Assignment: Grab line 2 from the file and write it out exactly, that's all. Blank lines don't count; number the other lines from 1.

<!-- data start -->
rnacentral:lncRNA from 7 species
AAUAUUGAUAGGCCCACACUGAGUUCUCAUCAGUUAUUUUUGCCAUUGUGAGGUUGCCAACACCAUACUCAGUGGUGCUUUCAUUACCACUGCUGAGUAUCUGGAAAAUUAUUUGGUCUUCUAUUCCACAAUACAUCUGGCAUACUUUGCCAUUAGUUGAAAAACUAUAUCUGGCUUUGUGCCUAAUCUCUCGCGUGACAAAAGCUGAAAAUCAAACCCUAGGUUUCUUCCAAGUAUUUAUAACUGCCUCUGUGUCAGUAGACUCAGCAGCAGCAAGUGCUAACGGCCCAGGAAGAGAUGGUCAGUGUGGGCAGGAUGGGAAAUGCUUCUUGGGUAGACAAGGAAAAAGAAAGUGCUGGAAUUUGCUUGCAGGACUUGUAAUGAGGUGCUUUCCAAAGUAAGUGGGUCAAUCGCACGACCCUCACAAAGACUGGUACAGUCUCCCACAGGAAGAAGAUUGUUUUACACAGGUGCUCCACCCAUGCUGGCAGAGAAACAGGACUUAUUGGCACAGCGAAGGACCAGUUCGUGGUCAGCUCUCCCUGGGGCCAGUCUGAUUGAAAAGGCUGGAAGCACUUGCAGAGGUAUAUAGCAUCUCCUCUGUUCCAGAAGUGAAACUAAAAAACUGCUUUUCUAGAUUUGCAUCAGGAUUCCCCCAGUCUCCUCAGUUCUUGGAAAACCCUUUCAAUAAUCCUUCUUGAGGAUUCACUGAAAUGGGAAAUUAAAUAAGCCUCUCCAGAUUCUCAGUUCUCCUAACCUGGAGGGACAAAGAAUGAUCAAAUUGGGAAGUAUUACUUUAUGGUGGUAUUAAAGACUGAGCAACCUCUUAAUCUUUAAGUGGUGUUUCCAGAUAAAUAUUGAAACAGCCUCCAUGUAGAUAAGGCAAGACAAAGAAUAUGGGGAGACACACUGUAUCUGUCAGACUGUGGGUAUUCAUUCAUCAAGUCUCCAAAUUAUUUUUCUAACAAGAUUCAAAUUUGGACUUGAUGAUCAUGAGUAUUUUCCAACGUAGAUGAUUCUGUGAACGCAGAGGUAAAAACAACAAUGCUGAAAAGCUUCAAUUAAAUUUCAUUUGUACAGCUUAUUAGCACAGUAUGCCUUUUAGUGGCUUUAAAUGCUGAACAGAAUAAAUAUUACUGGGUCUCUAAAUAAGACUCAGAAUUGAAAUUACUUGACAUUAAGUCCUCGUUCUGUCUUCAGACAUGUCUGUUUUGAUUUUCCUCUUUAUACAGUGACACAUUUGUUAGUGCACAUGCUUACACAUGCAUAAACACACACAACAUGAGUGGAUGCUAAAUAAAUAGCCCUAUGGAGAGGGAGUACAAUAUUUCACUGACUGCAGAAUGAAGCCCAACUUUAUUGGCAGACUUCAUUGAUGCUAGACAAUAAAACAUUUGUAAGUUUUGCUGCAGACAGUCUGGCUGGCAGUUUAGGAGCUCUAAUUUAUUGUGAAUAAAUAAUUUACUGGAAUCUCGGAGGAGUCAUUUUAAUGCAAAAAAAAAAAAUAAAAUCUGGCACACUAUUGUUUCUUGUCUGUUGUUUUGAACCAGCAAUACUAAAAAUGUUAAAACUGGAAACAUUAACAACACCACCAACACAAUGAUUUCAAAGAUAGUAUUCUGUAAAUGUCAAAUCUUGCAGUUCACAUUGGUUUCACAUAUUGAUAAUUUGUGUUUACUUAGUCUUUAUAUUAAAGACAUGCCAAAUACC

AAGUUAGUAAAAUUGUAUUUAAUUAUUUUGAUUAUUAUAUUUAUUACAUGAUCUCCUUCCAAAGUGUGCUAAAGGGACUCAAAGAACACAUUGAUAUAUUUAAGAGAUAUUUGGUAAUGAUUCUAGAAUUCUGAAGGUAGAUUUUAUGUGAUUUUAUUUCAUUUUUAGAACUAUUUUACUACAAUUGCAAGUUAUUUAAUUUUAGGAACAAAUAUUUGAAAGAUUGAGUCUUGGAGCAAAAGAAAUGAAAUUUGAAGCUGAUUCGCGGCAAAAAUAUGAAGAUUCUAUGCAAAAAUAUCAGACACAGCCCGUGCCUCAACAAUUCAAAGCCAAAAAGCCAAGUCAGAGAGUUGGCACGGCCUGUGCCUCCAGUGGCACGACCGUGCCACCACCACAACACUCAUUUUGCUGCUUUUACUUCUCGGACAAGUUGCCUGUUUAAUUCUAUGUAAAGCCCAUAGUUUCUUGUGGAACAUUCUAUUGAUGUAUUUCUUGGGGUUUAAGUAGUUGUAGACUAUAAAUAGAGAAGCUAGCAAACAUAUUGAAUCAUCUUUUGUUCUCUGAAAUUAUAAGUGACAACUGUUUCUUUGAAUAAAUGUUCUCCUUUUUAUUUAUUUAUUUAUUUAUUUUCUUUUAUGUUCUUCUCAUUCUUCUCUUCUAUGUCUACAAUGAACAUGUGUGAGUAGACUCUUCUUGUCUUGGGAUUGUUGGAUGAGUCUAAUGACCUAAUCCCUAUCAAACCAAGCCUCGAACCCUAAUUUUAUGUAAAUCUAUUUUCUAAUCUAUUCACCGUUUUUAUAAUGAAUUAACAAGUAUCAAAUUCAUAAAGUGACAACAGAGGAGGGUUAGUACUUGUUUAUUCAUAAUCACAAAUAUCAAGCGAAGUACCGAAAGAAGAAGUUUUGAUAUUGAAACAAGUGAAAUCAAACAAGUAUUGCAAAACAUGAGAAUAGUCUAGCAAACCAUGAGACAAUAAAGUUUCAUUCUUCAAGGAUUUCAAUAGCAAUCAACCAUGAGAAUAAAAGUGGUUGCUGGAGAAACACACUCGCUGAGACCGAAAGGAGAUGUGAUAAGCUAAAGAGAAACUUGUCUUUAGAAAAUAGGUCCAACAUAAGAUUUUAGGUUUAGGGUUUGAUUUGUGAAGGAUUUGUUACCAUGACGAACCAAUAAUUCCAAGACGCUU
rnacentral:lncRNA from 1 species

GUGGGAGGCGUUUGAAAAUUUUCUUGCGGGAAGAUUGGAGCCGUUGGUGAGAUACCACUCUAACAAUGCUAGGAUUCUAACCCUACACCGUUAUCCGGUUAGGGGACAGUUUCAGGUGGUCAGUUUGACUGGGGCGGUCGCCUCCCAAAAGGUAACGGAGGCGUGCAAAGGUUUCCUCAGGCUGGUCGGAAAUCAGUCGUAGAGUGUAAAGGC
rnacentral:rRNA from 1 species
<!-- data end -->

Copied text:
AAUAUUGAUAGGCCCACACUGAGUUCUCAUCAGUUAUUUUUGCCAUUGUGAGGUUGCCAACACCAUACUCAGUGGUGCUUUCAUUACCACUGCUGAGUAUCUGGAAAAUUAUUUGGUCUUCUAUUCCACAAUACAUCUGGCAUACUUUGCCAUUAGUUGAAAAACUAUAUCUGGCUUUGUGCCUAAUCUCUCGCGUGACAAAAGCUGAAAAUCAAACCCUAGGUUUCUUCCAAGUAUUUAUAACUGCCUCUGUGUCAGUAGACUCAGCAGCAGCAAGUGCUAACGGCCCAGGAAGAGAUGGUCAGUGUGGGCAGGAUGGGAAAUGCUUCUUGGGUAGACAAGGAAAAAGAAAGUGCUGGAAUUUGCUUGCAGGACUUGUAAUGAGGUGCUUUCCAAAGUAAGUGGGUCAAUCGCACGACCCUCACAAAGACUGGUACAGUCUCCCACAGGAAGAAGAUUGUUUUACACAGGUGCUCCACCCAUGCUGGCAGAGAAACAGGACUUAUUGGCACAGCGAAGGACCAGUUCGUGGUCAGCUCUCCCUGGGGCCAGUCUGAUUGAAAAGGCUGGAAGCACUUGCAGAGGUAUAUAGCAUCUCCUCUGUUCCAGAAGUGAAACUAAAAAACUGCUUUUCUAGAUUUGCAUCAGGAUUCCCCCAGUCUCCUCAGUUCUUGGAAAACCCUUUCAAUAAUCCUUCUUGAGGAUUCACUGAAAUGGGAAAUUAAAUAAGCCUCUCCAGAUUCUCAGUUCUCCUAACCUGGAGGGACAAAGAAUGAUCAAAUUGGGAAGUAUUACUUUAUGGUGGUAUUAAAGACUGAGCAACCUCUUAAUCUUUAAGUGGUGUUUCCAGAUAAAUAUUGAAACAGCCUCCAUGUAGAUAAGGCAAGACAAAGAAUAUGGGGAGACACACUGUAUCUGUCAGACUGUGGGUAUUCAUUCAUCAAGUCUCCAAAUUAUUUUUCUAACAAGAUUCAAAUUUGGACUUGAUGAUCAUGAGUAUUUUCCAACGUAGAUGAUUCUGUGAACGCAGAGGUAAAAACAACAAUGCUGAAAAGCUUCAAUUAAAUUUCAUUUGUACAGCUUAUUAGCACAGUAUGCCUUUUAGUGGCUUUAAAUGCUGAACAGAAUAAAUAUUACUGGGUCUCUAAAUAAGACUCAGAAUUGAAAUUACUUGACAUUAAGUCCUCGUUCUGUCUUCAGACAUGUCUGUUUUGAUUUUCCUCUUUAUACAGUGACACAUUUGUUAGUGCACAUGCUUACACAUGCAUAAACACACACAACAUGAGUGGAUGCUAAAUAAAUAGCCCUAUGGAGAGGGAGUACAAUAUUUCACUGACUGCAGAAUGAAGCCCAACUUUAUUGGCAGACUUCAUUGAUGCUAGACAAUAAAACAUUUGUAAGUUUUGCUGCAGACAGUCUGGCUGGCAGUUUAGGAGCUCUAAUUUAUUGUGAAUAAAUAAUUUACUGGAAUCUCGGAGGAGUCAUUUUAAUGCAAAAAAAAAAAAUAAAAUCUGGCACACUAUUGUUUCUUGUCUGUUGUUUUGAACCAGCAAUACUAAAAAUGUUAAAACUGGAAACAUUAACAACACCACCAACACAAUGAUUUCAAAGAUAGUAUUCUGUAAAUGUCAAAUCUUGCAGUUCACAUUGGUUUCACAUAUUGAUAAUUUGUGUUUACUUAGUCUUUAUAUUAAAGACAUGCCAAAUACC